The filmmakers went to enormous lengths to recreate the Viking era. They even built a Viking ship from scratch. "It was built by boat builders to be a real boat. They brought the plans in from the Viking museum in Oslo. It was made with real wood. It was made to be a real boat. It wasn't a prop boat."

Lead actor James Caviezel (The Thin Red Line, The Passion Of The Christ) approached the project with his customary intensity. "Jim liked in this that there were certain Christian parallels. That was not our intention, that was the way he read it. Not that we could disagree with that. Jim was very interested in this idea that for a science fiction movie about outer space, it was all about violence and the consequences of violence."

Outlander is a fullblown epic with all the trimmings. "We were on the sea, we were under water. We had a CGI creature. We had a Viking village and hordes of extras. Animals, children - we had it all,"

The film was shot in the frozen north of Canada, in Newfoundland and Nova Scotia. McCain speaks of the physical stress of working all night long in the middle of winter. "You're exhausted and it's freezing outside and you're in mud up to here..." his voice tails off. "It's raining - freezing rain or snow. Physically, it is just really, really rough. Everybody had to carry that load in their ownway and everybody did a really, really nice job."

Outlander is a world premiere in Locarno. " I am thrilled to be here. And I am terrified... I had a stereotypical view that was misinformed of a European film festival. I thought 'really? Outlander at Locarno? I didn't think they showed films like this.' This isn't like some French art film or Italian neo-realist movie!"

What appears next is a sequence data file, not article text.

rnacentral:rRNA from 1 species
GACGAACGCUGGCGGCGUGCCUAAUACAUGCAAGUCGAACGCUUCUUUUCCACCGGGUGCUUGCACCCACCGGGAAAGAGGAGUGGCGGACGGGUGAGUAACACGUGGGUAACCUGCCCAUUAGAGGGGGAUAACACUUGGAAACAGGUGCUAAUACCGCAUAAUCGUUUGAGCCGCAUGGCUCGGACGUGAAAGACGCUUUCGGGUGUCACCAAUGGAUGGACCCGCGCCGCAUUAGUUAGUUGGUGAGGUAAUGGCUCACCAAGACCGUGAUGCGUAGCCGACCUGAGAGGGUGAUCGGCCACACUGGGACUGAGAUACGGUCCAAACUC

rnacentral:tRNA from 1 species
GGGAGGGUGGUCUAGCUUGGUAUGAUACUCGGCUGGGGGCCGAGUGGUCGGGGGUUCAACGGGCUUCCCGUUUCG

Gare au Moorwen!

Présenté vendredi soir sur la Piazza Grande, Outlander met en scène un homme venu de l'espace, un monstre baveux et... une bande de Vikings. Pour amateurs de science-fiction sanglanteet légèrement décalée.

Kainan est un humanoïde dont le vaisseau spatial s'écrase près d'un camps de Vikings. Pris en otage, il prévient ses geôliers qu'il n'est pas seul: une créature terrible, le Moorwen, a fait le voyage avec lui et massacre êtres humains et animaux sans distinction. Alors qu'ils rejettent son histoire, les guerriers sont bientôt confrontés au dragon...

Le réalisateur Howard McCain révèle que le scénario d'Outlander lui a été inspiré par l'ouvrage Beowulf: "pour Dirk Blackman, mon coscénariste, et moi, ce texte est à l'origine de tous les films de monstre contemporains, d'Alien au Seigneur des anneaux." Pourtant, alors qu'ils réfléchissent à une manière de porter ce récit à l'écran, McCain et Blackman décident de lui apporter une touche de science-fiction avec l'arrivée de l'extra-terrestre, justifiant ainsi la présence du Moorwen. "Les lecteurs à l'époque de Beowulf acceptaient l'idée que les monstres existaient. Nous pensions que le public contemporain serait plus réticent..."

S'il est redoutable, le Moorwenn n'en est pas moins plus "aimable" que d'autres créatures assoiffées de sang. "On ne peut surpasser certains films comme Alien en termes de terreur qu'inspire le monstre. Nous avons donc décidé de raconter l'histoire de la créature, d'expliquer qu'elle se venge d'actes sauvages perpétrés à son encontre par l'armée de Kainan," conclut le réalisateur.